Major retrospective on Manchester artist, Emmanuel Levy- the first for over 30 years. 'Made in Manchester: The Art of Emmanuel Levy (1900-1986)' explores Levy's Mancunian heritage and showcase his talents as a painter, writer and teacher.
Born in Manchester in 1900 Levy studied at Manchester School of Art, where he trained under Adolph Valette, alongside L.S. Lowry with whom he remained friends. Levy held his first one-man show in Manchester in 1925, with others following throughout the 1920s and 1930s. In 1928 Levy was appointed special instructor in life drawing at Manchester University School of Architecture, succeeding his former tutor, Valette. In the 1950s and 1960s he went on to lecture at Stockport College of Art. To supplement his income, Levy was also Art Critic for the Manchester Evening News. Retrospectives of his work have been held across the country, the last being at Stockport Art Gallery in 1982.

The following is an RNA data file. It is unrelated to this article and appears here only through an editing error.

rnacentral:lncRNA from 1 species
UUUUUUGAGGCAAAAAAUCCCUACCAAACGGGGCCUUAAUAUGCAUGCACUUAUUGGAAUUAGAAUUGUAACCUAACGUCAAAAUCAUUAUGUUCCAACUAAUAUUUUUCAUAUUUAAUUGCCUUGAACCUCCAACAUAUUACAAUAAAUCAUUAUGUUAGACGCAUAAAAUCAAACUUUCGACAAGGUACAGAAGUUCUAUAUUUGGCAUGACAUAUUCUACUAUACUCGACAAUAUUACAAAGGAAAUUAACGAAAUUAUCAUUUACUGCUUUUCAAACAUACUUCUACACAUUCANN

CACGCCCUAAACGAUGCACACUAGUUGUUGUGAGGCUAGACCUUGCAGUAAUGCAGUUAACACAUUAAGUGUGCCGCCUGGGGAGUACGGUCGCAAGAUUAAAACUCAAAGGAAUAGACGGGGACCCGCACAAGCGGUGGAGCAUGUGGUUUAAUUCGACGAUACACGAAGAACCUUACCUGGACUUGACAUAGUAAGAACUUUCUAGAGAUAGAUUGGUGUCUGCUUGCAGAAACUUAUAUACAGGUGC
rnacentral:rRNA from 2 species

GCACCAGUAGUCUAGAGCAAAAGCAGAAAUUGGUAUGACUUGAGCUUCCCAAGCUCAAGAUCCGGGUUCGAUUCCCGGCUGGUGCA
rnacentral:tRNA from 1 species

Levy's Northern heritage is shown through works such as 'Snow in the North' and 'Raiders Overhead' where the setting is Levy's home during a World War Two air raid. Levy's Jewish roots are reflected through works such as 'Two Rabbis with Scrolls of the Law' (illustrated) and 'Crucifixion', painted by Levy in response to the Holocaust. The exhibition also showcases Levy's skills as a portrait artist, through arresting portraits such as 'Girl at a Window' and sketches of contemporary artists such as L.S. Lowry.
The exhibition draws primarily from the collection of Ben Uri, The London Jewish Museum of Art, who have also curated the show with the museum. Additional works are on loan from city galleries in Manchester, Leeds, Salford and Doncaster and from private collectors.
FREE with museum admission
24th October 2014 - 29 May 2015
Exhibition Partners: Ben Uri, The London Jewish Museum of Art. www.benuri.org.uk
Last month we made a discovery. Curator Alexandra Grime, spotted the similarity between a portrait by the artist and an unsigned painting in the museum's own collection. As it turns out, her hunch was right: the museum's unknown painting has since been verified as Levy's portrait of Mark Bloom. Read more on Creative Tourist.